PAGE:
Music licensing body SAMRO is trying to encourage businesses to comply 

If you play music outside of your home or car and there are other people around to hear it, technically you owe the Southern African Music Rights Organisation (SAMRO) money. And it doesn’t matter if the music is recorded or from the radio.

The same holds true if you run a business and want to have the radio on in your office or store. In fact, if you have a television in your company’s reception area where the public may hear music, you owe SAMRO a licensing fee, too.

SAMRO inland regional sales manager Alan Gustafson says the industry body is simply fulfilling its mandate of enforcing the Copyright Act of 1978.

“Audibility is the crucial word,” Gustafson says. “Any music, however derived, played outside your car or home constitutes a public performance.”

Music played in supermarkets, shopping malls, restaurants, taxis and buses requires a licence from SAMRO. “You are taking a format and entertaining your clientele,” he says.

There are a few exceptions to the rule. Where music is being taught, for example, there is no need for a licence. But if there is a recital, where students perform for the public, then a licence is required. Similarly, any music played during a church service is exempt, but anything played in the church before or after the service is not.

SAMRO has 53 different tariffs for various uses. “The tariff for shops considers the floor space and the staff complement — because we can’t expect stores to know how many members of the public have come in and out,” Gustafson says.

In an office environment, SAMRO considers only the number of staff. In the case of a restaurant, the organisation considers the number of seats and calculates the annual fee accordingly.

“It’s not about how many people sit on a seat, but how many there are. Some restaurant owners say their restaurants aren’t always full and that it’s unfair, but I think its very reasonable considering it’s a single annual fee,” Gustafson says.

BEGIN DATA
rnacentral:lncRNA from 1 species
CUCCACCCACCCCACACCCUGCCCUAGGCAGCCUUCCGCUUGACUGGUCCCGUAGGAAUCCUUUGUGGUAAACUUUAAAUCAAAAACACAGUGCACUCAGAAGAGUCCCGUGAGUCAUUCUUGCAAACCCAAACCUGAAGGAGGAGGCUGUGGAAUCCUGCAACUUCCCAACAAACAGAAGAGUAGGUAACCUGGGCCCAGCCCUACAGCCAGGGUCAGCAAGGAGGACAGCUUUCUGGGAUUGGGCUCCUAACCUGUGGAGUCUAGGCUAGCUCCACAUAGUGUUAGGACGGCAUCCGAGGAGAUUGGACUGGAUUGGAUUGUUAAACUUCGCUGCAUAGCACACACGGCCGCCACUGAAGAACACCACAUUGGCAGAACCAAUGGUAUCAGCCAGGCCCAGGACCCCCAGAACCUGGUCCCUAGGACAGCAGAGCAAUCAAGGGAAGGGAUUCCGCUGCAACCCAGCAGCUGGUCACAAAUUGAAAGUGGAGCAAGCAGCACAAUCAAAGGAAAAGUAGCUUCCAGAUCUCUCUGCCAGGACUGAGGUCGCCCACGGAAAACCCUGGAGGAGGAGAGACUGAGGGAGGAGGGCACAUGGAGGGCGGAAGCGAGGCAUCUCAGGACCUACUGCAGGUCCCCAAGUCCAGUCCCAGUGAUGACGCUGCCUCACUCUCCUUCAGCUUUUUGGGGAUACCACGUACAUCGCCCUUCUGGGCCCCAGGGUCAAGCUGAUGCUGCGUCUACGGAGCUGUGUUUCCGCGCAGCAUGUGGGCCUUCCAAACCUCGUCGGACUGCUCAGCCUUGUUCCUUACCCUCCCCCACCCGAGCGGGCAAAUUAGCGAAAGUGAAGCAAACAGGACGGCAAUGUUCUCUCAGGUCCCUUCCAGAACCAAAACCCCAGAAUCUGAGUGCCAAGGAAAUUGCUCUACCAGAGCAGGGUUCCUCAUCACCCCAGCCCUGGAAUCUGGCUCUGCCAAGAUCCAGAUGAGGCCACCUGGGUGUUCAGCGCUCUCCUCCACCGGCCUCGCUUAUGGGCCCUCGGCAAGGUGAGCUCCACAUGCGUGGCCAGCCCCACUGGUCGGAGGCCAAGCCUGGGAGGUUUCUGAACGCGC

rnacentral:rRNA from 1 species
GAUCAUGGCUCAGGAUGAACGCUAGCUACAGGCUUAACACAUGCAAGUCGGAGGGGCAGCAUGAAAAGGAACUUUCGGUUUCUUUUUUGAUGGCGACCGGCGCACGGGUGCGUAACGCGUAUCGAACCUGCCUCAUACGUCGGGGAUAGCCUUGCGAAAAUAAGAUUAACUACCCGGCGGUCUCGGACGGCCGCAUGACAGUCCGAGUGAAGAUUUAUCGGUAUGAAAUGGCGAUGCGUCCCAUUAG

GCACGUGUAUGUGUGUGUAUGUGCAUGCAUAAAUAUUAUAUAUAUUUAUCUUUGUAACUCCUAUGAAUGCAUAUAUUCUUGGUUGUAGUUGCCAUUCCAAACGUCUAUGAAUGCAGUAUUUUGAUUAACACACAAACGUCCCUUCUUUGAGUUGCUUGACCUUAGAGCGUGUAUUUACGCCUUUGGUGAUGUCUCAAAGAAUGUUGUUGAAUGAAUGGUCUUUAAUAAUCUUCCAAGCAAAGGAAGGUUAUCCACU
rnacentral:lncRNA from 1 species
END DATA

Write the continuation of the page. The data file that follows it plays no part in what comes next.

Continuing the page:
In the case of a concert, Gustafson says the promoter is charged a fee based on gross ticket sales “to keep it as simple as possible”.

Some of the most flagrant infringers of SAMRO’s licensing requirements are deejays. “In addition to a venue needing a licence, all deejays must be licensed, too. They are charged a fee of R836 for their first year and must then keep a list of all events and venues they play, which is then used to work out their fee for the following year.

Gustafson says the penalties for noncompliance vary, but that it is not SAMRO’s goal to shut companies down if they break the rules. “Our main aim is to negotiate compliance. We go as far as possible to get compliance. If you refuse, we go the legal route.”

SAMRO can backdate infringements for up to three years and can involve the police to confiscate deejays’ or venues’ equipment. However, policing infringers is a problem as SAMRO has only 12 “relationship consultants” countrywide. Gustafson says some of the organisation’s 8 000 members have also reported transgressors in the past.

Another problem, he says, is getting the South African Police Service to assist. “We’ve been trying to get them on our side, and they’ve done some work on clamping down on piracy, but it’s tough. To take someone and charge them for piracy costs the police around R1 200 in resources, but three hours later the person is back on the street and has paid a fine of only R300.”

In public transport, Gustafson says enforcement is particularly difficult to deal with, especially when it comes to minibus taxis. Taxi owners claim that drivers install sound systems themselves and that it’s almost impossible to get individual drivers to pay up.

“We managed to get about 100 taxis licensed for a year in Gauteng, but just try catching them again for the second year,” he says. “We’re trying to figure out how we can go to the taxi associations and offer a flat fee per taxi, and we’re looking at what other [copyright] societies are doing around the world. We are fighting the police on this, too, because they aren’t enforcing the law and they’re backing the taxi drivers.”


SAMRO’s rules are so wide-ranging that, in practice, playing music on a radio in a public park with friends constitutes a public performance. So does playing music loudly in a parked car. However, Gustafson admits that the organisation isn’t likely to try and enforce those rules.

It’s crucial, he says, that the public realises that the majority of SAMRO licence fees go back to artists as royalties. “How many of our artists have died as paupers? We cannot keep on stealing from our musicians,” he says.  — (c) 2012 Tech Central